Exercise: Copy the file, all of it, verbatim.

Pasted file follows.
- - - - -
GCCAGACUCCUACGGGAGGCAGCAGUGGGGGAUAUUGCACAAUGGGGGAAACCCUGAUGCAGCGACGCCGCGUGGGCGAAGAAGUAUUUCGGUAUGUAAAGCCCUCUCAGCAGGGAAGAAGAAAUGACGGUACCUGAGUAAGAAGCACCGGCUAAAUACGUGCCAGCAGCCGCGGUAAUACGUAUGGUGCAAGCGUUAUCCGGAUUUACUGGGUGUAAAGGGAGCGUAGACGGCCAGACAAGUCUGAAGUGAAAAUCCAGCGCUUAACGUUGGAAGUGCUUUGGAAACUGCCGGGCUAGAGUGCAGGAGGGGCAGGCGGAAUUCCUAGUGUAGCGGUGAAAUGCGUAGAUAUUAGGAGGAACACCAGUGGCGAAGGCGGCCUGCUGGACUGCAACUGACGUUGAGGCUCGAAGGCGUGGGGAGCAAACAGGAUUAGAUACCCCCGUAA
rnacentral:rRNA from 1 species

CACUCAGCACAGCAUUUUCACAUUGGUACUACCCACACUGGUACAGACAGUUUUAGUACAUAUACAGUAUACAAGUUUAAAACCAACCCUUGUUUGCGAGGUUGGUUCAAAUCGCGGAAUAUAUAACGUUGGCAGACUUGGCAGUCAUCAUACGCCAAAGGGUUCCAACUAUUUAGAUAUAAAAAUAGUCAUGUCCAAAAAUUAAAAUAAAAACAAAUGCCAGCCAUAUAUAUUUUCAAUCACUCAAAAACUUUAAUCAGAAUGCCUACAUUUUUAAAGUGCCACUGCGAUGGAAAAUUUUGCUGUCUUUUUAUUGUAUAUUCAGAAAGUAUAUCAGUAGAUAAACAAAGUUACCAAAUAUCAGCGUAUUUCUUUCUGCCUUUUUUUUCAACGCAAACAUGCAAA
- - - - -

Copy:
GCCAGACUCCUACGGGAGGCAGCAGUGGGGGAUAUUGCACAAUGGGGGAAACCCUGAUGCAGCGACGCCGCGUGGGCGAAGAAGUAUUUCGGUAUGUAAAGCCCUCUCAGCAGGGAAGAAGAAAUGACGGUACCUGAGUAAGAAGCACCGGCUAAAUACGUGCCAGCAGCCGCGGUAAUACGUAUGGUGCAAGCGUUAUCCGGAUUUACUGGGUGUAAAGGGAGCGUAGACGGCCAGACAAGUCUGAAGUGAAAAUCCAGCGCUUAACGUUGGAAGUGCUUUGGAAACUGCCGGGCUAGAGUGCAGGAGGGGCAGGCGGAAUUCCUAGUGUAGCGGUGAAAUGCGUAGAUAUUAGGAGGAACACCAGUGGCGAAGGCGGCCUGCUGGACUGCAACUGACGUUGAGGCUCGAAGGCGUGGGGAGCAAACAGGAUUAGAUACCCCCGUAA
rnacentral:rRNA from 1 species

CACUCAGCACAGCAUUUUCACAUUGGUACUACCCACACUGGUACAGACAGUUUUAGUACAUAUACAGUAUACAAGUUUAAAACCAACCCUUGUUUGCGAGGUUGGUUCAAAUCGCGGAAUAUAUAACGUUGGCAGACUUGGCAGUCAUCAUACGCCAAAGGGUUCCAACUAUUUAGAUAUAAAAAUAGUCAUGUCCAAAAAUUAAAAUAAAAACAAAUGCCAGCCAUAUAUAUUUUCAAUCACUCAAAAACUUUAAUCAGAAUGCCUACAUUUUUAAAGUGCCACUGCGAUGGAAAAUUUUGCUGUCUUUUUAUUGUAUAUUCAGAAAGUAUAUCAGUAGAUAAACAAAGUUACCAAAUAUCAGCGUAUUUCUUUCUGCCUUUUUUUUCAACGCAAACAUGCAAA